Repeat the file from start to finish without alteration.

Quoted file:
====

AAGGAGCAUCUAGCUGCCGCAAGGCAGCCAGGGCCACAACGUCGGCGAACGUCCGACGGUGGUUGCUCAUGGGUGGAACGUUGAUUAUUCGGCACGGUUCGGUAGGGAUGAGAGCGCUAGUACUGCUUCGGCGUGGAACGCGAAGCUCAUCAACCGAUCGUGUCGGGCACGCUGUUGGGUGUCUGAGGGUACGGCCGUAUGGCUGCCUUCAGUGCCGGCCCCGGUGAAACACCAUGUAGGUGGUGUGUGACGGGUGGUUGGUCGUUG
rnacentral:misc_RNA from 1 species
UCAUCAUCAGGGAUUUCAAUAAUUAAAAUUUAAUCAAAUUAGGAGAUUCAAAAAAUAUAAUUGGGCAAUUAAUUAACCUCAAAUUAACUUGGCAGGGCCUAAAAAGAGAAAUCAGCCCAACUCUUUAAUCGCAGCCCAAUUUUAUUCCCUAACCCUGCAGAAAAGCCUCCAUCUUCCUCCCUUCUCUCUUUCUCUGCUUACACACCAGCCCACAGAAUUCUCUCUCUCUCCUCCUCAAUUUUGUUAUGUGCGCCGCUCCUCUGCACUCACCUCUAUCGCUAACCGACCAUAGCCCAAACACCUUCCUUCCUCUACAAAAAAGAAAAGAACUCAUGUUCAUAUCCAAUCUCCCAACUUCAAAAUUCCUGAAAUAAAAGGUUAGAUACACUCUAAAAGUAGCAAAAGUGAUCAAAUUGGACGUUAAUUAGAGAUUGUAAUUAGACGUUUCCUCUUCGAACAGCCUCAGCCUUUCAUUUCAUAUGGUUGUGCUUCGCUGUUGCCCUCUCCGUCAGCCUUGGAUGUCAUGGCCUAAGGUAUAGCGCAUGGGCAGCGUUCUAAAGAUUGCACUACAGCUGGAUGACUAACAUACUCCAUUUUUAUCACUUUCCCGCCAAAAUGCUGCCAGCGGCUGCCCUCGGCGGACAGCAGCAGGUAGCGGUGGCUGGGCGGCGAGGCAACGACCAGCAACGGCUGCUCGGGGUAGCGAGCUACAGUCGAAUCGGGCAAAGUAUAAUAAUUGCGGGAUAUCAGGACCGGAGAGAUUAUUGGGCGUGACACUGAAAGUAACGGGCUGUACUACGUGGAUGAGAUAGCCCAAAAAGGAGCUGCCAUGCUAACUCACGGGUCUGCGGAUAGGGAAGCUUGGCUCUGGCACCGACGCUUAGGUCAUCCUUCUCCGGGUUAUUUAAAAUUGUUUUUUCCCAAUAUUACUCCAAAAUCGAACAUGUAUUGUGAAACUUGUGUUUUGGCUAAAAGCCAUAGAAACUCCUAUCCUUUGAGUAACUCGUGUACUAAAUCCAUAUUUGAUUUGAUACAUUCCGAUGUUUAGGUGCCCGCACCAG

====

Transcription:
AAGGAGCAUCUAGCUGCCGCAAGGCAGCCAGGGCCACAACGUCGGCGAACGUCCGACGGUGGUUGCUCAUGGGUGGAACGUUGAUUAUUCGGCACGGUUCGGUAGGGAUGAGAGCGCUAGUACUGCUUCGGCGUGGAACGCGAAGCUCAUCAACCGAUCGUGUCGGGCACGCUGUUGGGUGUCUGAGGGUACGGCCGUAUGGCUGCCUUCAGUGCCGGCCCCGGUGAAACACCAUGUAGGUGGUGUGUGACGGGUGGUUGGUCGUUG
rnacentral:misc_RNA from 1 species
UCAUCAUCAGGGAUUUCAAUAAUUAAAAUUUAAUCAAAUUAGGAGAUUCAAAAAAUAUAAUUGGGCAAUUAAUUAACCUCAAAUUAACUUGGCAGGGCCUAAAAAGAGAAAUCAGCCCAACUCUUUAAUCGCAGCCCAAUUUUAUUCCCUAACCCUGCAGAAAAGCCUCCAUCUUCCUCCCUUCUCUCUUUCUCUGCUUACACACCAGCCCACAGAAUUCUCUCUCUCUCCUCCUCAAUUUUGUUAUGUGCGCCGCUCCUCUGCACUCACCUCUAUCGCUAACCGACCAUAGCCCAAACACCUUCCUUCCUCUACAAAAAAGAAAAGAACUCAUGUUCAUAUCCAAUCUCCCAACUUCAAAAUUCCUGAAAUAAAAGGUUAGAUACACUCUAAAAGUAGCAAAAGUGAUCAAAUUGGACGUUAAUUAGAGAUUGUAAUUAGACGUUUCCUCUUCGAACAGCCUCAGCCUUUCAUUUCAUAUGGUUGUGCUUCGCUGUUGCCCUCUCCGUCAGCCUUGGAUGUCAUGGCCUAAGGUAUAGCGCAUGGGCAGCGUUCUAAAGAUUGCACUACAGCUGGAUGACUAACAUACUCCAUUUUUAUCACUUUCCCGCCAAAAUGCUGCCAGCGGCUGCCCUCGGCGGACAGCAGCAGGUAGCGGUGGCUGGGCGGCGAGGCAACGACCAGCAACGGCUGCUCGGGGUAGCGAGCUACAGUCGAAUCGGGCAAAGUAUAAUAAUUGCGGGAUAUCAGGACCGGAGAGAUUAUUGGGCGUGACACUGAAAGUAACGGGCUGUACUACGUGGAUGAGAUAGCCCAAAAAGGAGCUGCCAUGCUAACUCACGGGUCUGCGGAUAGGGAAGCUUGGCUCUGGCACCGACGCUUAGGUCAUCCUUCUCCGGGUUAUUUAAAAUUGUUUUUUCCCAAUAUUACUCCAAAAUCGAACAUGUAUUGUGAAACUUGUGUUUUGGCUAAAAGCCAUAGAAACUCCUAUCCUUUGAGUAACUCGUGUACUAAAUCCAUAUUUGAUUUGAUACAUUCCGAUGUUUAGGUGCCCGCACCAG